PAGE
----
hiking
19 days ago

This trail is typically done in two days. Most people camp too early. I strongly suggest camping on your left-hand side of Lunch Counter right before the big push up. However, the right side did have a running stream from snow melt. All camp spots have access to snow for melting drinkable water. The camp spots are typically parapets made of lava rock with sandy floors. They make excellent wind breaks. We did this the last two days of July and I brought way too many warming layers. It was maybe 40°F on lunch counter and 60°+ in our 2-person summer lightweight. I suppose you should always prepare for a cold snap tho. Bring crampons and axe. The glissading chutes are deep and although steep, they are safe to slide down and I’ve been told on good years you can slide down all the way from the false summit to Lunch Counter. Bring a waterproof layer for glissading. Also, some snow gators would have been helpful. My wife’s feet remained dry with the gators, mine were soaked. Bring extra socks and leave another pair in the car. There was a large mountain sheep that gets within arms reach that apparently lives around Lunch Counter. The smoke from all the fires blocked our views of Hood, St. Helens, Rainier and others, but we could kind of make out the shapes. The top was super windy and cold. Bring some warm layers in daypack for the last ascent. I suggest snow gloves.

The Rangers’ at the ranger station were not very helpful. They warned of a massive thunderstorm when multiple websites we checked had “sunny w/ heat advisory.” I asked where she got her information which she took as a challenge, and she said “NOAA is the only one you can trust for mountain climbing. Also you can’t seem anything with the fires anyway.” SASSY. NOAA confirmed a heat advisory. We took the warning with skepticism and checked it out for ourselves. It was super sunny both days. I’m really just ranting at this point, but she would say things like, “conditions at altitude change in an instant,” and “It gets dark under those clouds real quick,” but when asked, she admitted she had not been up there and had no intention of climbing a mountain.

All things considered, this was a great climb. Will do again.

hiking
19 days ago

Don’t underestimate Mount Hood. Lunch Counter is 100% snow feee with water. Glissade down was difficult do to icy hard chutes . . We summited at 8:30am.Hard to beat a sunrise at elevation . . Mountain shadow, etc . . But the downside this time of year is the iffy glissade down . . If you want an awesome glissade . . I would recommend a summit time around 11am. I would recommend crampons . . But spikes are probably good enough . . I just wouldn’t take the chance. Summit shack is just starting to come out. Summit weather at 8:30am was puuurfect . .zero wind, blue skies, and 5 Mountains were out: Rainier, Helens, Hood, Jefferson and 3 Sisters.

backpacking
30 days ago

Hiked this on 7/13. Did an overnight camp at lunch counter. Nothing really to add to the reviews already stated but I did want to let people know that the snow melting at lunch counter did create some running water. We weren’t sure and ended up filling up at Morrison Creek and carrying a lot of unneeded weight up to lunch counter. Check in with Forest Ranger when you get the permit to see how high up the running water is.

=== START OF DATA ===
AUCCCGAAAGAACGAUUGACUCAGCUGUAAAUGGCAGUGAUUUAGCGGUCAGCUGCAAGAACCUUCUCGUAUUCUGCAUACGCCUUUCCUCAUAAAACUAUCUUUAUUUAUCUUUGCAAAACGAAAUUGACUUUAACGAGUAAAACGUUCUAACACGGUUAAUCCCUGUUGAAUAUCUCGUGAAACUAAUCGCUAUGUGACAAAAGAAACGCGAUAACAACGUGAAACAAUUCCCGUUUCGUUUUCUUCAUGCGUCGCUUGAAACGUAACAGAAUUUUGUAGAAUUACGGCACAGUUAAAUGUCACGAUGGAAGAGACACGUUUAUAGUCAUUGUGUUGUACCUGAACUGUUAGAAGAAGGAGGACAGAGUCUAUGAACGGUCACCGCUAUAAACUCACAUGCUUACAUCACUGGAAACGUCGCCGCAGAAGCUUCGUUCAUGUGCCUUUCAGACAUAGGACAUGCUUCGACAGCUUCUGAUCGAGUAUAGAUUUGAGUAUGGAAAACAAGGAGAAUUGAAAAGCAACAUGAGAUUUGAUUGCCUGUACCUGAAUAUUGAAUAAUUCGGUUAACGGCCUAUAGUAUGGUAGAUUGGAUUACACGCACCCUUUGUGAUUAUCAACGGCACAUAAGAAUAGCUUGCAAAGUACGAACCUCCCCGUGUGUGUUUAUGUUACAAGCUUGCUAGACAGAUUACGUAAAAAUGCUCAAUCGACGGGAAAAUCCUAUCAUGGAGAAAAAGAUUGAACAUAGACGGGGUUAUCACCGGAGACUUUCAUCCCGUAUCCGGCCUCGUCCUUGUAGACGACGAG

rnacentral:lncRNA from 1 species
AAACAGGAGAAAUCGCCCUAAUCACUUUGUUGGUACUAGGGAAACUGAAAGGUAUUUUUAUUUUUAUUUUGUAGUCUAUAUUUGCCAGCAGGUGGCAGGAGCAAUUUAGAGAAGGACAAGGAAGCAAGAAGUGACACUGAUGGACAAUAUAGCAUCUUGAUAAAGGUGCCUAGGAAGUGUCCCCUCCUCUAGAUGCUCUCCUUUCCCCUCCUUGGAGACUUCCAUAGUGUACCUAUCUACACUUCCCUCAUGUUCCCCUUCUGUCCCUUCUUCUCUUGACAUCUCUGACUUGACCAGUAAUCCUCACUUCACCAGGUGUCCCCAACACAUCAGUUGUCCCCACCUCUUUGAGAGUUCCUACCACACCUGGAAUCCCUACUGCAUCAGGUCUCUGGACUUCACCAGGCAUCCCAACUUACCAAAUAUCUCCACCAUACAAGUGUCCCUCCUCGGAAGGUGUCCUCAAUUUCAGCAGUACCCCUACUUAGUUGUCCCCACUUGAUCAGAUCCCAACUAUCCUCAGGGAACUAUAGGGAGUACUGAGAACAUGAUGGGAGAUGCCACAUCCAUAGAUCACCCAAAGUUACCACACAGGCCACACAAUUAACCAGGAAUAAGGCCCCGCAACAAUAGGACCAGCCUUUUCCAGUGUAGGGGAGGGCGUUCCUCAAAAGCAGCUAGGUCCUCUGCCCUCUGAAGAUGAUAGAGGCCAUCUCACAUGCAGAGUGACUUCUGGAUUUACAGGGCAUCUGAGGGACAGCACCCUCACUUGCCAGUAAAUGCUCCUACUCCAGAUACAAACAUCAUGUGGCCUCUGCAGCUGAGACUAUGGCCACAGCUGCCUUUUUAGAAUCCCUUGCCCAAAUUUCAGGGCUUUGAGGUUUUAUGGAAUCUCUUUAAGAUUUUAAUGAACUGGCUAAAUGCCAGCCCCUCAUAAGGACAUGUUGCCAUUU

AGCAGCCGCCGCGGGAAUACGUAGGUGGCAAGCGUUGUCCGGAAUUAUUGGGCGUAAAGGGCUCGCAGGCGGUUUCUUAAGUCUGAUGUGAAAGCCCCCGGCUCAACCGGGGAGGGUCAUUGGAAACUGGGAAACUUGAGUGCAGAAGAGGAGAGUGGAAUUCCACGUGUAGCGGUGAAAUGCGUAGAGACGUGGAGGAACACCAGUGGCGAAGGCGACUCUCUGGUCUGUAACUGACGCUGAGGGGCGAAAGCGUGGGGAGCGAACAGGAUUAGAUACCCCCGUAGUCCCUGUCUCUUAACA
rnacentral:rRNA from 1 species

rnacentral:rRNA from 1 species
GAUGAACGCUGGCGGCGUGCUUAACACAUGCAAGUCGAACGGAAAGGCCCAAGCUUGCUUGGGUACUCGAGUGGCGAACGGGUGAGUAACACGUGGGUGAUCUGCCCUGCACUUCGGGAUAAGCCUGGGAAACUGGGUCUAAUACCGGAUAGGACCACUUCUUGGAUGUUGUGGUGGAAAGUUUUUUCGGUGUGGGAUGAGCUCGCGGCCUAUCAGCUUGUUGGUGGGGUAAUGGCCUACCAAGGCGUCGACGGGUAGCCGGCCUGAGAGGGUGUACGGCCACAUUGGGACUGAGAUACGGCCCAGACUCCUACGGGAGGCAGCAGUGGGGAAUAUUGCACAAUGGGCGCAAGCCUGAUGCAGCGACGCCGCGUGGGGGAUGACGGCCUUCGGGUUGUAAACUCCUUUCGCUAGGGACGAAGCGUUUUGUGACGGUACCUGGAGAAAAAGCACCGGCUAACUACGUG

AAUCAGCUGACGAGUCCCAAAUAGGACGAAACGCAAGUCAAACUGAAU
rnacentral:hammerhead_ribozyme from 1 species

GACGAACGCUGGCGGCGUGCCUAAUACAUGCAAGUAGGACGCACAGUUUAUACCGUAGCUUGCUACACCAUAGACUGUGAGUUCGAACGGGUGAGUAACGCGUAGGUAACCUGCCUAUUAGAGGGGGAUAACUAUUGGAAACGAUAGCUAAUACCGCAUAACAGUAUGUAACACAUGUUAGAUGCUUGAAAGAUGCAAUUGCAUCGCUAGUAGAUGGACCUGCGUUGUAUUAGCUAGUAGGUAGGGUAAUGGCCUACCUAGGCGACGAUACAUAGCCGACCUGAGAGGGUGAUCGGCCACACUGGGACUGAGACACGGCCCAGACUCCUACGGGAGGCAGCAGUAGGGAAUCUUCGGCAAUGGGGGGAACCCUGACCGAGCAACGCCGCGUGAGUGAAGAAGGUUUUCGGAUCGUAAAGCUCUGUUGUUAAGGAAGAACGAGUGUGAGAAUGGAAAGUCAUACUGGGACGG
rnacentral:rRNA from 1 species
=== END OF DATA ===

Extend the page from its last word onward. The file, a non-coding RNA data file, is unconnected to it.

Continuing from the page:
Other than that, amazing experience and great views. It was almost 100 degrees in Trout Lake, but still only 20-30F with wind chill on summit so make sure to bring layers.

hiking
1 month ago

Did it Car to Car, which made for 12.5 hours if hiking. A beautiful hike, yet it was hard for us to find any trail up the snow when the trail ended, and I don't know if we were looking in the wrong spot or if there was no trail at all.

hiking
1 month ago

This trail was amazing! We left the Trailhead at noon, arrived at Lunch Counter around 4. Setup camp in a very nice spot to watch a beautiful sunset! The wind was very lite and the sky was gorgeous! We headed for Pikers Peak around 6:30, made it to the summit before noon. The weather was beautiful with a lite wind on the summit. We glissaded most of the way back down to Lunch Counter. We broke camp and made it back to the trailhead around 5:30. Had an amazing hike!

John

hiking
1 month ago

On June 26th we set off at 05:30 for one long day. We made the summit around 12noon. The climb was good and steady. We had crampons for the hard snow and I’m glad. Made the climb easier. The sky was crystal clear, blue and beautiful. The winds were relatively calm. The summit view was absolutely outstanding!!! The glissading was SO fun!!! We did the entire trip in one day. Excellent mountain!

hiking
1 month ago

we started our hike mid-day after checking into the range station the road to the trail head is a nice drive and snow free. I made a video of our hike, it shows conditions and what to expect, you can find it here: https://youtu.be/AZKL70HpL3M
The trail from the trail-head to Lunch Counter was very well marked both with a solid boot pack and with trail markers eventually we ended putting on our crampons for a short steep section and left them on until we arrived at lunch counter, I would say they are recommended but it can be completed without them. We set up camp at lunch Counter right at the base of Pikers Peak. There is still alot of snow at Lunch Counter however there are tons of spots that are snow free. We started our push up Pikers at around 3:30am there was clear skies and the snow was solid. we took our time going up and arrived at the summit around 8:30am. The trail was nice all the way to the base of the true summit where people took there own routes to the summit I would exercise caution in this section. overall It was a great hike with amazing views check out my experience at: https://youtu.be/AZKL70HpL3M